How do you over... And I think the foundation model and the way you talked about that sounds like, the way to overcome that, to settle on a standard. What do you see maybe as the next standard to come out, or how does that process work successfully? You gave the example of Kubernetes. I mean, how do companies make the decision to take something maybe that they were the sponsor on, they were working on and then to move it out, give up maybe a little control or to put it out in the community in a way that's going to create that standard that is beneficial to them and everybody, how difficult a conversation is that to have with folks?

Todd Moore: So it's actually not that hard to have, but it's good if you get something out there to start with so people can see it. The most important thing to starting the conversation is the code's going to be out there and be visible so that people can look at it. And if you just come to someone and say, "Well, I've got this little thing over here and it really should be open source, don't you want to come work with me?" That's not going to work, right? You got to have, it's got to be out in the open. You've got to start to see some community participation in it. Maybe it's got quite a few stars that have happened in GitHub, right? So, you know that it's both useful and people are using it, et cetera. There's forks that are happening, et cetera, right. That's really important because now you have at least some level of confidence that this is something that might be significant.

We do it all the time. For us right now, trusted AI is really important. If you look at where the world is going and I look at the types of things that customers are trying to do, they're trying to solve problems with AI now. We've been through the machine learning phase. There's a real appetite to understand how to engage in and build things in AI. And that therefore means that having trusted AI is really important. So our own example, we put out our AI Fairness 360 tool kit. And we've put that now out into the Linux Foundation's AI group, LFAI, so that we have people around the world now working on tools that help you do good, do, do things that are ethical, right? Make sure that you're not being sabotaged in some way, because someone is spoofing that image, say that your AI is trying to look at and figure out what to do with, or that you have bias in your models, such that you're penalizing one particular group when you really shouldn't be, those types of things.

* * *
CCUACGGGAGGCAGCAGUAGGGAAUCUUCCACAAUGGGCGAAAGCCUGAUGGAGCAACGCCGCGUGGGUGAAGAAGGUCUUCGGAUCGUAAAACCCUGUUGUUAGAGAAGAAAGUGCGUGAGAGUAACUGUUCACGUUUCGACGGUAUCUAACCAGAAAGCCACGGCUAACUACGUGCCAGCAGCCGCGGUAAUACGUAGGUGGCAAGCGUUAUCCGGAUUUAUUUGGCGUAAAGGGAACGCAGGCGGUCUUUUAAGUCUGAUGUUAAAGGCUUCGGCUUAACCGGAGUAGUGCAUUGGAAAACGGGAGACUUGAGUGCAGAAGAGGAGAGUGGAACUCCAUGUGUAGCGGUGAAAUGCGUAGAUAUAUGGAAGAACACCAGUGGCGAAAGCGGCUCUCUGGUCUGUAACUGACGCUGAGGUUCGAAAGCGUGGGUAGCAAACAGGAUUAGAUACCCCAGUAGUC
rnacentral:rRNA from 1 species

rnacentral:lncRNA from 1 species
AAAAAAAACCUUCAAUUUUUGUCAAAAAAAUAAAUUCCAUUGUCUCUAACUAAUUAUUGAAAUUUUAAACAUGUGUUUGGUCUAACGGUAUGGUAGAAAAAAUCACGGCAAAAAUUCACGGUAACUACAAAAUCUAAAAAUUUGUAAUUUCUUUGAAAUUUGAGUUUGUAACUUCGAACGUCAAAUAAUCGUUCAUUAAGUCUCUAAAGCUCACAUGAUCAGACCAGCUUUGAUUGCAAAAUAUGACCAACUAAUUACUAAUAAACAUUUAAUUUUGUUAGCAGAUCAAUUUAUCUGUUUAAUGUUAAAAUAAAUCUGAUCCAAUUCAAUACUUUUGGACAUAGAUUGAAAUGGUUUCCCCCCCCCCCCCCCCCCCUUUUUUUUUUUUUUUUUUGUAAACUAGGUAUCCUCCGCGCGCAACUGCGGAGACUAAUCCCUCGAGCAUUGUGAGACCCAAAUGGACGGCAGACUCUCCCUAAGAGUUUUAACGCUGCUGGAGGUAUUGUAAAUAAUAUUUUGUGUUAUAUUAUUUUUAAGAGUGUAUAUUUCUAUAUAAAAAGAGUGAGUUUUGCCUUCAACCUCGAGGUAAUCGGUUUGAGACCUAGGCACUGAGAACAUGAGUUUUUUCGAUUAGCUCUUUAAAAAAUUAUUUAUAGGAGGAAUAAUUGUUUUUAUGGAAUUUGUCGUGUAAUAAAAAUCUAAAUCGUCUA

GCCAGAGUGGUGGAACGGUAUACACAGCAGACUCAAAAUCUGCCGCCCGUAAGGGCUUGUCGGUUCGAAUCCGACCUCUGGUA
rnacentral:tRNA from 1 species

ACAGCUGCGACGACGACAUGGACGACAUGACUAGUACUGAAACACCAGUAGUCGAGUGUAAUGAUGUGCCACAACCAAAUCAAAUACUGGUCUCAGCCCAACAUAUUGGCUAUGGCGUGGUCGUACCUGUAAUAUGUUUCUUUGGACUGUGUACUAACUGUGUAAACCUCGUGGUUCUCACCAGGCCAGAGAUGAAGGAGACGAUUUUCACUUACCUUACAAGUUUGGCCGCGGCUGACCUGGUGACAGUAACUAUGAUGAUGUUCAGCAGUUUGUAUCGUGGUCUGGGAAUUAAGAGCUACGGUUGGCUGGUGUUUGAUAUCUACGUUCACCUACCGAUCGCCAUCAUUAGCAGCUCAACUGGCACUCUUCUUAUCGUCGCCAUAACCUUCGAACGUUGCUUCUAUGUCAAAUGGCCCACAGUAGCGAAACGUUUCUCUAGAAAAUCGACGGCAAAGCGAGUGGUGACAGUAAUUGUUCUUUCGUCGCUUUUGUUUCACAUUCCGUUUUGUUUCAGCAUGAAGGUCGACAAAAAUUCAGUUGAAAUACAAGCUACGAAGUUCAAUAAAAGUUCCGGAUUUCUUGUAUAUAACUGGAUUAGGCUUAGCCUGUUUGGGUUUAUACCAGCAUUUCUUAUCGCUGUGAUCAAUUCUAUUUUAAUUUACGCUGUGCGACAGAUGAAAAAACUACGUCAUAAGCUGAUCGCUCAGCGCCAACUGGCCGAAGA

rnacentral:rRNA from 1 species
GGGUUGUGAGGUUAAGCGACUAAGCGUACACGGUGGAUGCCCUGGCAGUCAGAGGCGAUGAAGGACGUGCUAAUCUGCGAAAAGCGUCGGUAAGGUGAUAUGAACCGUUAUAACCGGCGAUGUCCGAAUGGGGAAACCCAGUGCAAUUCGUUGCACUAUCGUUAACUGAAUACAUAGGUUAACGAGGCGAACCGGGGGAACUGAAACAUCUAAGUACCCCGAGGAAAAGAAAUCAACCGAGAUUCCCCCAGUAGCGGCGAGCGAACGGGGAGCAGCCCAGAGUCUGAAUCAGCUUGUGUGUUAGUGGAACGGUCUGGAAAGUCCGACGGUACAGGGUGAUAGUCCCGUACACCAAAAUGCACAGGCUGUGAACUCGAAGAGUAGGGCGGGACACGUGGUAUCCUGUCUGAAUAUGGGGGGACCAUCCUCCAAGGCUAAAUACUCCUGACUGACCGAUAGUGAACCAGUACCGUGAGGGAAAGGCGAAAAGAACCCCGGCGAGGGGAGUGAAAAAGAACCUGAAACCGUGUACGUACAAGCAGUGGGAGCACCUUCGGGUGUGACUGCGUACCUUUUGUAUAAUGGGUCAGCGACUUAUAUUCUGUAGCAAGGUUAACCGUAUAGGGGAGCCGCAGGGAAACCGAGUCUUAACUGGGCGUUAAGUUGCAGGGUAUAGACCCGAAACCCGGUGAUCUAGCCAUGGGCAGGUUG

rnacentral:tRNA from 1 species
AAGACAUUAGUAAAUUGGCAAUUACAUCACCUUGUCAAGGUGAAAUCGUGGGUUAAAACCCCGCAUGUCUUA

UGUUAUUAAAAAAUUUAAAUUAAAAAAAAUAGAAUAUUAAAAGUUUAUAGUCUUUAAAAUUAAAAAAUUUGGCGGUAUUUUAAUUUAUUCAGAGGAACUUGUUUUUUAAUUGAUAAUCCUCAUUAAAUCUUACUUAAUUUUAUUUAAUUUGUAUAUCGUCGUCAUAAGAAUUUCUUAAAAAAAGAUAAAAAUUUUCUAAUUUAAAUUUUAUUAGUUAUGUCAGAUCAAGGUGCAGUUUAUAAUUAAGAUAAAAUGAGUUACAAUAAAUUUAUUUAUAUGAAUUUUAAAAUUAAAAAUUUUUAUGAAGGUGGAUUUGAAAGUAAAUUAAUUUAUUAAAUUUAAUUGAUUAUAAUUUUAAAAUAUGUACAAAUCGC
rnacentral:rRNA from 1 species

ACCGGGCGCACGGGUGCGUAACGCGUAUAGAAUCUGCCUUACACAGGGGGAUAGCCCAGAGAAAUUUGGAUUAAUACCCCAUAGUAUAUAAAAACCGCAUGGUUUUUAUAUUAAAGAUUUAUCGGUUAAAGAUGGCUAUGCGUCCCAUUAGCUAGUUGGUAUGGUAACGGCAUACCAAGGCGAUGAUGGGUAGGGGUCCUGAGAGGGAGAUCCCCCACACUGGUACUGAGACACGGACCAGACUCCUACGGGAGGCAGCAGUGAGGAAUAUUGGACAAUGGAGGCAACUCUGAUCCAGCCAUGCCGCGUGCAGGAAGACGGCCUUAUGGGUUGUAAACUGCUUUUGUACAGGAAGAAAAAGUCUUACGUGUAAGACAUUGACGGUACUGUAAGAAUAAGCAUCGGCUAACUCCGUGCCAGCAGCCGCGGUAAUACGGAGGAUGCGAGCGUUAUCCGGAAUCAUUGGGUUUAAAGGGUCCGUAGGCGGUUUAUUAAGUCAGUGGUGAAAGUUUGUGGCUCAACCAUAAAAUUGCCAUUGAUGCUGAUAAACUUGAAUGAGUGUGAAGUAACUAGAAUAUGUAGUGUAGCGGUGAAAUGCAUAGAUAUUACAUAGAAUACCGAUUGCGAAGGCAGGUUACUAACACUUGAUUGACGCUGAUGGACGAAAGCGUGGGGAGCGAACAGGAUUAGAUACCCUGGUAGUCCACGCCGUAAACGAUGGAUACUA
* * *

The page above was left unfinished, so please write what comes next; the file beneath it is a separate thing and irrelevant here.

So trusted AI as an example of where we're making sure that things come out in their standards. And I think that's going to be so important, the developers who come to us all the time are looking to solve their problems with AI now. And it's been really, really cool and interesting to see that.

IBM Qiskit webpage

IBM Qiskit webpage

Quantum computing, right? We put out a kit on Qiskit so that people could get going in quantum computing and actually play with real hardware and test out algorithms and see what would happen. And hopefully that then becomes the basis for building compilers and other things on top of that technology, right? Because it's in its infancy, but here we can start to build the standards together because we've seen this whole, how do you make computing work before, right? We know you've got to build compilers and other technologies in order to then enable the masses to be able to use it, right? So there's exciting things going on and we're putting code out there, and so we decide that based on this is going to be important to the basis. It needs to be things that are plumbing, that is just good hygiene that we all can work on together. And then put them into a place where there'll be accepted and can be moved on.

How do companies attract top open source developers?